Quantum electronic orbits discovered around carbon nanotubes

Electrons orbiting a nanotube
Formation of tubular electronic states around carbon nanotubes is demonstrated in recent experiments by M. Zamkov and collaborators.
Using two-color photoelectron emission researches can populate and subsequently observe the special group of electronic states with wave functions enclosing a carbon nanotube. These cylindrical “electronic tubes” constitute a new class of “image” states due to their quantized angular motion. The electron rotation about the axis of the nanotube gives rise to a centrifugal force that virtually detaches the electron charge-cloud from the tube's body. By experiencing the lattice structure parallel to the tube's axis these rings can act as powerful scanning probes of nanotube electronic properties. The first images shows such electronic orbits schematically. The lower images gives a calculated shape of the radial part of the electronic wave function. This work represent the first experimental evidence for the existence of stable image-potential states orbiting carbon nanotubes. The measured lifetimes are found to be significantly longer compared to n = 1 image state on graphite. This facts indicates a qualitative difference in electron decay dynamics between carbon nanotubes and planar graphene layers. Electrons orbiting nanotubes can be used in novel computing and memory devices and possibly qubits. Reference: M. Zamkov, N. Woody, B. Shan, H. S. Chakraborty, Z. Chang, U. Thumm, and P. Richard James R. Macdonald Laboratory, Department of Physics, Kansas State University, Manhattan, Kansas 66506-2604, USA Phys. Rev. Lett. 93, 156803 (2004)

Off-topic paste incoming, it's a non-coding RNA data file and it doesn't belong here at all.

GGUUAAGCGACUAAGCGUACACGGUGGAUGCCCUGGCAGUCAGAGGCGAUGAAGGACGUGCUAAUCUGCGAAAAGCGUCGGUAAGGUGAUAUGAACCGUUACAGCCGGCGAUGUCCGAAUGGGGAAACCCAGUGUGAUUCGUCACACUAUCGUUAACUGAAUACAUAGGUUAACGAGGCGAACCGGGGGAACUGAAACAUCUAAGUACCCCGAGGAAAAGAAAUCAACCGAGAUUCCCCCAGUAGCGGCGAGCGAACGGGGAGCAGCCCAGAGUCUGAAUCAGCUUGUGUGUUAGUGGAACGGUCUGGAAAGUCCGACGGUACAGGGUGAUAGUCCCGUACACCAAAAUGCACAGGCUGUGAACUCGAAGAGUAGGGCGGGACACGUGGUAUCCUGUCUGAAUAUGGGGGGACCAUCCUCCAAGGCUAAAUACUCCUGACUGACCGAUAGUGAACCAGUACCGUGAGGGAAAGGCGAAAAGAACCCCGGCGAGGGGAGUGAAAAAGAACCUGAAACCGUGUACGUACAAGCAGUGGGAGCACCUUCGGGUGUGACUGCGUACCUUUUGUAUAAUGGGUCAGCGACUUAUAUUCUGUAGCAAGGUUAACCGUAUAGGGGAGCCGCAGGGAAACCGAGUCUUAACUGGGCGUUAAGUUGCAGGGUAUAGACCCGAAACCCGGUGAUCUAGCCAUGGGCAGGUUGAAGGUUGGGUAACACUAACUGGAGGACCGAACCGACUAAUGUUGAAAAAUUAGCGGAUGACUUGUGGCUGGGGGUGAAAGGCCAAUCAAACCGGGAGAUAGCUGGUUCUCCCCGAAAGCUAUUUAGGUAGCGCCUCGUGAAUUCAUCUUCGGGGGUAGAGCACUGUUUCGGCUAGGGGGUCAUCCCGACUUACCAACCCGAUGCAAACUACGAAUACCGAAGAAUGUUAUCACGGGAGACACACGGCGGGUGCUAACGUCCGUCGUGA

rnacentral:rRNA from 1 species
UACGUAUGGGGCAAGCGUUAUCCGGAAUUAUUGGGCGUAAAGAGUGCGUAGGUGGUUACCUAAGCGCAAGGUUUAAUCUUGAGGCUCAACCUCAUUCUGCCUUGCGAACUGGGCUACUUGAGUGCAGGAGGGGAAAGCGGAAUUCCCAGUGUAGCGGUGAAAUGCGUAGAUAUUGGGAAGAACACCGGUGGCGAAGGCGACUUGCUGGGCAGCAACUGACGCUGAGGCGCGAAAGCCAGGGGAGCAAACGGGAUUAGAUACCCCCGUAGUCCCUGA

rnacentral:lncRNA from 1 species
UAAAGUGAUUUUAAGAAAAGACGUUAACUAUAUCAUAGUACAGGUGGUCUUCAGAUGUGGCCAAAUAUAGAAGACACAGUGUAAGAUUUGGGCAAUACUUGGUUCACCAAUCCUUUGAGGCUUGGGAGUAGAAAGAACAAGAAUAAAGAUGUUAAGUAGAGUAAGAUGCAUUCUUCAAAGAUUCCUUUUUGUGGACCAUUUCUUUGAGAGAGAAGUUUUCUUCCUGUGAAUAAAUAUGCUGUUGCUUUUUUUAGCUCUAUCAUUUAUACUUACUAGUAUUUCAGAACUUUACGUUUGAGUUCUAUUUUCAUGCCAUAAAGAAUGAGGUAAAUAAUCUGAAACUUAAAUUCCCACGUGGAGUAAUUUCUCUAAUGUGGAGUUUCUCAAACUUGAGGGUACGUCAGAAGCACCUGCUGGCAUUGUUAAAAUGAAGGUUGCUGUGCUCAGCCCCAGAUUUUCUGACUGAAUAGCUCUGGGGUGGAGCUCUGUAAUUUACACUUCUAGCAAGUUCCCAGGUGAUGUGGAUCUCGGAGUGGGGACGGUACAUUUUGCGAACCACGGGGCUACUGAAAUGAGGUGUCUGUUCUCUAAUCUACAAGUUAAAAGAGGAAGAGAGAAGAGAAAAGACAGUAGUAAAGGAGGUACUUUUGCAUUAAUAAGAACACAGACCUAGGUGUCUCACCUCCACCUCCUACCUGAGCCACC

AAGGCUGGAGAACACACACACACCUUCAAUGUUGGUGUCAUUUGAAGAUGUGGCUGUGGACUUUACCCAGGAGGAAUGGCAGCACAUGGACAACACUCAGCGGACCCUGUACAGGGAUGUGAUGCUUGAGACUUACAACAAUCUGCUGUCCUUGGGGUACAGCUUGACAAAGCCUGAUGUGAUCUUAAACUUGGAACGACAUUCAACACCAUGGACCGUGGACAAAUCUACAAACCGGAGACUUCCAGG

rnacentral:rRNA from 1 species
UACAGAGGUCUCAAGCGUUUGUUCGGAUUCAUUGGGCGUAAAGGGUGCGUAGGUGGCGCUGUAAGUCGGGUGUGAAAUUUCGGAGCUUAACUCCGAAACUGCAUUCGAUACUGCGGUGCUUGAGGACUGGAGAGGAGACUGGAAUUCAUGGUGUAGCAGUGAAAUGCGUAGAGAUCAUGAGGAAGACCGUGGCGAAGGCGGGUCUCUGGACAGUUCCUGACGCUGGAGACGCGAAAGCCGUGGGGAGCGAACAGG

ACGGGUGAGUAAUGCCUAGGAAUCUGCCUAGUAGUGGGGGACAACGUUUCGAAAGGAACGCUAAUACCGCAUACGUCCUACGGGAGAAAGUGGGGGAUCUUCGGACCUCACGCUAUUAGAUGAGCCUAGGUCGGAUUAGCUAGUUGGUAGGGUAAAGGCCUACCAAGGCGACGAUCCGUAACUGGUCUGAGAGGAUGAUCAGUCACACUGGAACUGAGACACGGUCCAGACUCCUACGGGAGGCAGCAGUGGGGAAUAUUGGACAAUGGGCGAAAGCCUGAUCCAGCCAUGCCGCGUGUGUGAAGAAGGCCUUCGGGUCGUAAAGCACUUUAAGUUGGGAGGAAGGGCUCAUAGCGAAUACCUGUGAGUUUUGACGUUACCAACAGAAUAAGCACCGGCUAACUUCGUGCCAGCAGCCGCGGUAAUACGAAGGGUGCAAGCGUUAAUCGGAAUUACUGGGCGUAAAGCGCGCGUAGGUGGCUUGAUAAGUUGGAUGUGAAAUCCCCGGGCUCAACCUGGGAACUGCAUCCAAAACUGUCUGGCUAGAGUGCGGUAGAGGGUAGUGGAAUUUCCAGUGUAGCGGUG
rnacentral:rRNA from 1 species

See also images:
Visualization of the radial part of the electron wave function. The quantum numbers are n = 3; l =1. The diameter of the nanotube is 5 nm.
Visualization of the radial part of the electron wave function. The quantum numbers are n = 3; l =1. The diameter of the nanotube is 5 nm.
The cylindrical superstructures are composed of silver nanoparticles with V-shaped amphiphilic arms. The short rod-like and spherical assemblies are made of gold nanoparticles with the same V-shaped amphiphilic arms.  The self-assembly occurs upon slow addition of water to solution of nanoparticles in organic solvent called tetrahydrofuran. The resulting mixture is then dialyzed against pure water in order to remove organic solvent and obtain a pure aqueous solution of the superstructures (they remain in water without any precipitation, just like micelles).
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